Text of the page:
Sine functions are beautiful. You can use them for anything, literally. A sine function has amplitude, phase, period and shift, and you can play tricks with these. For example, you can plug a sine equation into the amplitude, phase, period or shift on your first sine equation. These techniques are useful not only for making cool patterns; audio synthesis techniques rely heavily on plugging sines into sines. For our scrolltext, we could make a sine equation with a period of, say, 320, an amplitude of 90, and shift it to the exact middle of the screen. However, this would result in an unchanging sine pattern; that is, rather than slithering like a snake, the sine pattern would hold still like a serpentine pipe while the letters contorted through. It looks cool enough this way, but there's no sense of motion. To add motion, we play games with the phase; i.e., we keep cycling the phase so that the sine appears waving, up and down, like a snake.
Now, how steep do you want the sine? Well, that's a function of amplitude and period. Generally, we already have an idea of what amplitude we want (usually either full-screen or just bouncing along the bottom), so we play with our period. If you want a scrolltext that squeezes together and then stretches out, you can use a sine function to modulate the period. Now, we could also plug a sine into the amplitude, to move between flat-lining and squiggling, although it's not so useful.
Finally, you can also plug a sine into the shift in order to give a lot more variety to the scroller as a whole. The result actually looks quite neat, it's rather complex, yet visibly based on sines. There's an aesthetic quality here to be appreciated, the interplay between simplicity and complexity. In honor of sine waves, let's also grind our processors a bit by using sines to cycle the colors of our text; it'll look cool.
Now it's time for the code. Remember, it's just the same simple procedure as in our last scrolltext episode, only now we're using some sine equations to determine the y value for where our text gets placed, and a loop to draw out the text one 1x8 strip at a time. It's simple conceptually, although if you don't get it, try typing it in rather than downloading it and you'll probably understand exactly what's going on by the time you are done. Sines are some of the most useful things in the world, so even though we're using them for something silly, they have infinite practical use, and I hope this inspires some clever ideas for you!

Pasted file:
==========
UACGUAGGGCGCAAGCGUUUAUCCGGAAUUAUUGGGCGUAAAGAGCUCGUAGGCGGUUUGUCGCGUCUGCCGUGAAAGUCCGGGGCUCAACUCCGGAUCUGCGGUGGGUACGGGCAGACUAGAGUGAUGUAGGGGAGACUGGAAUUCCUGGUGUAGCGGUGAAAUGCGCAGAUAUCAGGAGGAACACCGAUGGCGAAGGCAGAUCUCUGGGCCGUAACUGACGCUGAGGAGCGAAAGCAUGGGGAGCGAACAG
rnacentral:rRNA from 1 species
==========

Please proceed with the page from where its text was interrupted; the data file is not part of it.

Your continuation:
Practical Task Scheduling Deployment
July 20, 2016 12:00 pm CDT
One of the best things about the UNIX environment (aside from being stable and efficient) is the vast array of software tools available to help you do your job. Traditionally, a UNIX tool does only one thing, but does that one thing very well. For example, grep is very easy to use and can search vast amounts of data quickly. The find tool can find a particular file or files based on all kinds of criteria. It's pretty easy to string these tools together to build even more powerful tools, such as a tool that finds all of the .log files in the /home directory and searches each one for a particular entry. This erector-set mentality allows UNIX system administrators to seem to always have the right tool for the job.
Cron traditionally has been considered another such a tool for job scheduling, but is it enough? This webinar considers that very question. The first part builds on a previous Geek Guide, Beyond Cron, and briefly describes how to know when it might be time to consider upgrading your job scheduling infrastructure. The second part presents an actual planning and implementation framework.
Join Linux Journal's Mike Diehl and Pat Cameron of Help Systems.
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This ebook takes a look at some of the practical applications of the Linux on Power platform and ways you might bring all the performance power of this open architecture to bear for your organization. There are no smoke and mirrors here—just hard, cold, empirical evidence provided by independent sources. I also consider some innovative ways Linux on Power will be used in the future.Get the Guide